Toyota Motor Corp. began recalling about 7.43 million vehicles worldwide after the company detected a possible flaw that could lead the power-window switch to melt or catch fire.
The recall affects about 2.47 million vehicles in the U.S., 1.4 million in China and 1.39 million in Europe, said Joichi Tachikawa, a Tokyo-based spokesman. The Corolla and Camry are among the 14 models -- some produced as far back as 2007 -- subject to inspection and repair, he said. The company hasn’t received any reports of accidents because of the issue, he said.
The scale of the recall, equivalent to 93 percent of its vehicles sold last year, comes as President Akio Toyoda pushes to rebuild the company’s reputation for quality. Toyota, which recalled more than 10 million units in 2009 and 2010 for defects associated with unintended acceleration, took two years for its Lexus brand to regain the top spot on J.D. Power & Associates’ new-car quality survey in 2011.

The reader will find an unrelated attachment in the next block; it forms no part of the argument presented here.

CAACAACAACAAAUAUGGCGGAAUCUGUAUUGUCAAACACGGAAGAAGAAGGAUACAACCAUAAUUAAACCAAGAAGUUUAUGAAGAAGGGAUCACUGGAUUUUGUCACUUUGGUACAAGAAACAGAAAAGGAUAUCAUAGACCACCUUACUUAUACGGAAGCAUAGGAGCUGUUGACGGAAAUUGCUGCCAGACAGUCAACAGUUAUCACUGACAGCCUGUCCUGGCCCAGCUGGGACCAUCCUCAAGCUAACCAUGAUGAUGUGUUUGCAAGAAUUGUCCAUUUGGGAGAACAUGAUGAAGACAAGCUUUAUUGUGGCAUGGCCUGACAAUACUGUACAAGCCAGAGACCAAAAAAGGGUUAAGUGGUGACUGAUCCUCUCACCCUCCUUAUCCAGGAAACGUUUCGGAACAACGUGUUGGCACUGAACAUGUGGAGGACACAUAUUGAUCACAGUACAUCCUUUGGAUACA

“The volume is big, and doesn’t look good,” Satoru Takada, a Tokyo-based auto analyst at Toward the Infinite World Inc., a securities research company, said by telephone today. “Even if you calculate the cost in a very simple way, it’s going to be significant. What comes with standardizing platforms and parts is that these recalls become immense.”
Toyota, based in Toyota City, Japan, didn’t provide estimates on the cost of the recall. Its stock fell for a third day in Tokyo trading, dropping 1.9 percent to 2,943 yen, its lowest close since July 27.
The recall involves about 490,000 vehicles in the Middle East, 240,000 in Canada and about 650,000 in Asia, excluding Japan and China, Tachikawa said.
The recall centers on the driver’s side power-window master switch, which may feel “notchy or sticky” and prompt users to apply commercial lubricants. That may result in melting, cause smoke and lead to a fire, according to Toyota.
The company said it’s conducting the recall to inspect the vehicles and apply special fluorine grease to the switch.
“It’s not something that would cause any deadly accidents like the recall of 2009, so I do not think it would affect the company’s profit or share price,” said Satoshi Yuzaki, Tokyo-based general manager at Takagi Securities Co. “Investors are focusing more on sales in China, and not reacting much to this recall.”